2. Terry Bennett


    The ultimate goal of ‘digital transformation’ is the growth & sustainability of your business. Period.

    Customers have changed. They know more about your company, your pricing, your quality, etc than ever before. They have the capability to easily compare your offering with similar ones around the globe, order from anywhere, and get delivery to their home or office – perhaps even in the same day. Technology enabled that…and it also has changed our societal culture. Businesses have to respond to that or suffer the consequences.

    It’s unfortunate that the term ‘digital transformation’ has in the minds of some become just a technology play. And I would suggest that calling out 3 types of transformation (digital, solutions, & data) certainly doesn’t simplify things. The transformation that is required involves culture, business models, etc. Again, it is about transforming to grow & sustain your business.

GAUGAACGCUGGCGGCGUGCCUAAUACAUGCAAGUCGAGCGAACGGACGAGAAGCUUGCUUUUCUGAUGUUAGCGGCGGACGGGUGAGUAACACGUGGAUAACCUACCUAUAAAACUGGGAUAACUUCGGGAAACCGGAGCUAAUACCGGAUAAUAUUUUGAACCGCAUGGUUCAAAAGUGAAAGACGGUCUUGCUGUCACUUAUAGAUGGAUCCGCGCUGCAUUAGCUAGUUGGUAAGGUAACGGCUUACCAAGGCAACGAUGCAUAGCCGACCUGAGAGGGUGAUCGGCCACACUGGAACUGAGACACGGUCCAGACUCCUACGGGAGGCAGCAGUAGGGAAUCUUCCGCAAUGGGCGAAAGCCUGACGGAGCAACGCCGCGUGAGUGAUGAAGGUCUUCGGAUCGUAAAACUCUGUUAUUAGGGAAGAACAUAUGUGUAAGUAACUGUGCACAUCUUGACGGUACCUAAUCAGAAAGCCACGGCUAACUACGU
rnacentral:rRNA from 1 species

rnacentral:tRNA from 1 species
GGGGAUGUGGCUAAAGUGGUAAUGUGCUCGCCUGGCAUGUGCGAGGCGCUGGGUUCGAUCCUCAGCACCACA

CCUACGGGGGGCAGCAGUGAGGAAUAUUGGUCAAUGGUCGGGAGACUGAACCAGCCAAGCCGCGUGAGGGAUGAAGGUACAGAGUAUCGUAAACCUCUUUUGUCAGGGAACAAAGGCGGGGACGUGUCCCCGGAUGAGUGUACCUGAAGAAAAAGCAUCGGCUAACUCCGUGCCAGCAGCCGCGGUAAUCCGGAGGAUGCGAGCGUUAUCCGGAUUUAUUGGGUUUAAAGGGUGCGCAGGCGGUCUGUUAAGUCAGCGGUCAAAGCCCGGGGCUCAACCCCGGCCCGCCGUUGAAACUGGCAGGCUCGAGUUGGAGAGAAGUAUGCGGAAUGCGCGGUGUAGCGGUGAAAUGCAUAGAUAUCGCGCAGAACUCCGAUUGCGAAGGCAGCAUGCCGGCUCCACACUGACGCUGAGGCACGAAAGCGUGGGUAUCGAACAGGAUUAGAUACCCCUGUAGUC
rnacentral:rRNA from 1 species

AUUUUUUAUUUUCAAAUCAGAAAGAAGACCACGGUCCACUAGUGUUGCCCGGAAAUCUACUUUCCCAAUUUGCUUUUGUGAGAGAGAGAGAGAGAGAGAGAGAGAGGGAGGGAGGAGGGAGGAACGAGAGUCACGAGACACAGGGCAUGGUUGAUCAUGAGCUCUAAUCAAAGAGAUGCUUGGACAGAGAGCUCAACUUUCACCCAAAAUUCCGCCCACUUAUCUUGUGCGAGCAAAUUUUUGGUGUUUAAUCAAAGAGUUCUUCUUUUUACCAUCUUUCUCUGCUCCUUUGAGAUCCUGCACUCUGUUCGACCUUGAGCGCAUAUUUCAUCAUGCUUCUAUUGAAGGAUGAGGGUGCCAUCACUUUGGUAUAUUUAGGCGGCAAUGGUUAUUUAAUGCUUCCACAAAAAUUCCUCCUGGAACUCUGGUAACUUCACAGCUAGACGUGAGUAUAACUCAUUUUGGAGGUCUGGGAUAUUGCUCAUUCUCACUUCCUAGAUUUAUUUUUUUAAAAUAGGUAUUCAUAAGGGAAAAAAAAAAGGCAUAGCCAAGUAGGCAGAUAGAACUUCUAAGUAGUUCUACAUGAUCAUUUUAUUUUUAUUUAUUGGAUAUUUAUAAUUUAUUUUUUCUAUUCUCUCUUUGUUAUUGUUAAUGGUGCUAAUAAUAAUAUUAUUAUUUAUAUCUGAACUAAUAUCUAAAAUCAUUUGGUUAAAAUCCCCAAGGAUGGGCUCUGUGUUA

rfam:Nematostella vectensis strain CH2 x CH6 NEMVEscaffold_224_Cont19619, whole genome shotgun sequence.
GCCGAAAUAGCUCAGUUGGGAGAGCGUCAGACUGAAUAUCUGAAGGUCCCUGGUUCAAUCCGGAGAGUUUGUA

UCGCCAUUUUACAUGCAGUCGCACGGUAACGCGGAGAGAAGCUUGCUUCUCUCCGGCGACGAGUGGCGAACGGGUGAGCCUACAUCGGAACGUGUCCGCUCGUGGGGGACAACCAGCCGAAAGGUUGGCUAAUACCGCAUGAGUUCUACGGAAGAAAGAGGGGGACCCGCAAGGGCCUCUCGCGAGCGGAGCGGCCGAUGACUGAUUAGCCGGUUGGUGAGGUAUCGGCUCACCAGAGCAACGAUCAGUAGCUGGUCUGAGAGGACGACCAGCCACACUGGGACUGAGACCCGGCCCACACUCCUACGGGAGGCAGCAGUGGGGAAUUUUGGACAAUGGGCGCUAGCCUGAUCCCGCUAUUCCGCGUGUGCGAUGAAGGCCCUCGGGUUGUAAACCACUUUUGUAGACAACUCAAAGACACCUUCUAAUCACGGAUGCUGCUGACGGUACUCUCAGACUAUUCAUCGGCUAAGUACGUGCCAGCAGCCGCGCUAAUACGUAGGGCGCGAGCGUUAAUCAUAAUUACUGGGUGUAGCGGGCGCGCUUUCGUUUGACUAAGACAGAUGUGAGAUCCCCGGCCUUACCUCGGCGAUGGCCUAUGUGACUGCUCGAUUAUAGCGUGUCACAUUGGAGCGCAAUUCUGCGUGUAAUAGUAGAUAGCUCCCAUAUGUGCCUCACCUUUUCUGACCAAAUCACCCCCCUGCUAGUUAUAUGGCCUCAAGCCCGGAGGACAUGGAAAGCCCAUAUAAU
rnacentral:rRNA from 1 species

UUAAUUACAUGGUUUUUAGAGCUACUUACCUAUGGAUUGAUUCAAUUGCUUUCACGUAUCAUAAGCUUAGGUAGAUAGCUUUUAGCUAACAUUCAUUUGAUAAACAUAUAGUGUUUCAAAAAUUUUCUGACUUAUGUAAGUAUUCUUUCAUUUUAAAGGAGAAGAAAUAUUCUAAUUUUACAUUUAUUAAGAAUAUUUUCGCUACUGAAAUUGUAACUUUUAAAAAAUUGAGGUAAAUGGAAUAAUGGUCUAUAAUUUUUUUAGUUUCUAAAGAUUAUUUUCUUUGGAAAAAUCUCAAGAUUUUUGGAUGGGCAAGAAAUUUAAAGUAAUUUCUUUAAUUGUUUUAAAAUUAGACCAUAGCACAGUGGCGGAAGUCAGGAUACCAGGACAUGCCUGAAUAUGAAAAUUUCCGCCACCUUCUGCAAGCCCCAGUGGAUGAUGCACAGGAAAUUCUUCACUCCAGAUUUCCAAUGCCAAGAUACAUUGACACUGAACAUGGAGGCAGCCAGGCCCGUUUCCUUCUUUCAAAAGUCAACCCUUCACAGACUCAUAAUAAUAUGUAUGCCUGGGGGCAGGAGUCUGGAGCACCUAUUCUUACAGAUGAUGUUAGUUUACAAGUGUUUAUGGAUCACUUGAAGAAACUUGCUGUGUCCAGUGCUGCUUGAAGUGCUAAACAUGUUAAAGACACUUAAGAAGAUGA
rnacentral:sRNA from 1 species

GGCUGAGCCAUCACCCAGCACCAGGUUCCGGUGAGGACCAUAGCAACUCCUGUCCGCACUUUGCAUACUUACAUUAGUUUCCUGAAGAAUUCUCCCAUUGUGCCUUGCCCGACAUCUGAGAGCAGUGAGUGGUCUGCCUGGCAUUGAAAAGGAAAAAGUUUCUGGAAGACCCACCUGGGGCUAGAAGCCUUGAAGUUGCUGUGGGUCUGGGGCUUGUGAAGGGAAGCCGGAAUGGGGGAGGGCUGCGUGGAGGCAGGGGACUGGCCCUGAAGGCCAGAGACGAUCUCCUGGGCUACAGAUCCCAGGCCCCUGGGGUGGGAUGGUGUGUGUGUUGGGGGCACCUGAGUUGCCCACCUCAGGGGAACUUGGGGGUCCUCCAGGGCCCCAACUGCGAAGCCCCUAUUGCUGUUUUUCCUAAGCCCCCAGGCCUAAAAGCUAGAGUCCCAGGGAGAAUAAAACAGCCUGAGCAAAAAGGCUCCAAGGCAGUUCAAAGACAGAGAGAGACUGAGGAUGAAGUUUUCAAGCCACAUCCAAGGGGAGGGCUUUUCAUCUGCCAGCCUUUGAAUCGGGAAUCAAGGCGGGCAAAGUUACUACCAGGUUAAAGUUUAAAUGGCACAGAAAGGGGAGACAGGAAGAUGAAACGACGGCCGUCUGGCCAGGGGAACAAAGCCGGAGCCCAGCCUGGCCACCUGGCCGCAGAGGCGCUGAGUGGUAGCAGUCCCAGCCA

You might be interested in my article – http://www.institutefordigitaltransformation.org/digital-transformation-its-about-the-business/

  3. Emily Swearingen

    I stumbled across your company from searching for a remote job. I absolutely love your philosophy and the methods you use to create solid workplace environments. I feel if every business utilized your formulas and ways of thinking, the majority of workplaces would thrive in a much happier & successful environment. I would love to work for your company but I do not have any qualifications for the current jobs you offer. Thank you so much for writing & sharing amazing blogs that people can truly read and implement in their lives easily. Sincerely, Emily